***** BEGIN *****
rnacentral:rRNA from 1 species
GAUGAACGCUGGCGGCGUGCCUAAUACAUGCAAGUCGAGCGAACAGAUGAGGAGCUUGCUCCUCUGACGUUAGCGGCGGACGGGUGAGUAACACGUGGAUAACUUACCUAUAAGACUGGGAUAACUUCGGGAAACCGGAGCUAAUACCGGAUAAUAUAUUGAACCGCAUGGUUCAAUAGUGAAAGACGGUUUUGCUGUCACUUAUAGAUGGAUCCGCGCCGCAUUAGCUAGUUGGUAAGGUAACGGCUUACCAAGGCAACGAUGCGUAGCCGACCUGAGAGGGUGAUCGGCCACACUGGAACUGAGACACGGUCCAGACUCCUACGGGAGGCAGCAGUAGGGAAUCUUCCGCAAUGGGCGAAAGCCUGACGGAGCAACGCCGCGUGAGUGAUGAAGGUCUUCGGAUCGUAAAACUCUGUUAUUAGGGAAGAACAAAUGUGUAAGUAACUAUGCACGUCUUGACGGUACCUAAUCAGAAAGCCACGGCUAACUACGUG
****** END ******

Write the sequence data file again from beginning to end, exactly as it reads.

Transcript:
rnacentral:rRNA from 1 species
GAUGAACGCUGGCGGCGUGCCUAAUACAUGCAAGUCGAGCGAACAGAUGAGGAGCUUGCUCCUCUGACGUUAGCGGCGGACGGGUGAGUAACACGUGGAUAACUUACCUAUAAGACUGGGAUAACUUCGGGAAACCGGAGCUAAUACCGGAUAAUAUAUUGAACCGCAUGGUUCAAUAGUGAAAGACGGUUUUGCUGUCACUUAUAGAUGGAUCCGCGCCGCAUUAGCUAGUUGGUAAGGUAACGGCUUACCAAGGCAACGAUGCGUAGCCGACCUGAGAGGGUGAUCGGCCACACUGGAACUGAGACACGGUCCAGACUCCUACGGGAGGCAGCAGUAGGGAAUCUUCCGCAAUGGGCGAAAGCCUGACGGAGCAACGCCGCGUGAGUGAUGAAGGUCUUCGGAUCGUAAAACUCUGUUAUUAGGGAAGAACAAAUGUGUAAGUAACUAUGCACGUCUUGACGGUACCUAAUCAGAAAGCCACGGCUAACUACGUG